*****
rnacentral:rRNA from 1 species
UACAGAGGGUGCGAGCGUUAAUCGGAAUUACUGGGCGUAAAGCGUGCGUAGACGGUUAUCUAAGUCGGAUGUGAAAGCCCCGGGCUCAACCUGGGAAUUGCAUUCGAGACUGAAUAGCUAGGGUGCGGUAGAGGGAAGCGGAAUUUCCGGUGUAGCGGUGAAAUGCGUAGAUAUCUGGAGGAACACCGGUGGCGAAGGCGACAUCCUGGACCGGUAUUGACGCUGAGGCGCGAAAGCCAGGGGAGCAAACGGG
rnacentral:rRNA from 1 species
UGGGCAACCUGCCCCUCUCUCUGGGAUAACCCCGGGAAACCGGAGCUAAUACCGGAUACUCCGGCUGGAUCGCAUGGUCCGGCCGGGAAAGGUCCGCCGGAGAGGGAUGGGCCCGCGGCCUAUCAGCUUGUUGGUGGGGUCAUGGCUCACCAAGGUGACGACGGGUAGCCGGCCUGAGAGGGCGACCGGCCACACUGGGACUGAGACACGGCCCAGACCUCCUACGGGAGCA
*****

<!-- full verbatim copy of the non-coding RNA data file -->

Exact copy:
rnacentral:rRNA from 1 species
UACAGAGGGUGCGAGCGUUAAUCGGAAUUACUGGGCGUAAAGCGUGCGUAGACGGUUAUCUAAGUCGGAUGUGAAAGCCCCGGGCUCAACCUGGGAAUUGCAUUCGAGACUGAAUAGCUAGGGUGCGGUAGAGGGAAGCGGAAUUUCCGGUGUAGCGGUGAAAUGCGUAGAUAUCUGGAGGAACACCGGUGGCGAAGGCGACAUCCUGGACCGGUAUUGACGCUGAGGCGCGAAAGCCAGGGGAGCAAACGGG
rnacentral:rRNA from 1 species
UGGGCAACCUGCCCCUCUCUCUGGGAUAACCCCGGGAAACCGGAGCUAAUACCGGAUACUCCGGCUGGAUCGCAUGGUCCGGCCGGGAAAGGUCCGCCGGAGAGGGAUGGGCCCGCGGCCUAUCAGCUUGUUGGUGGGGUCAUGGCUCACCAAGGUGACGACGGGUAGCCGGCCUGAGAGGGCGACCGGCCACACUGGGACUGAGACACGGCCCAGACCUCCUACGGGAGCA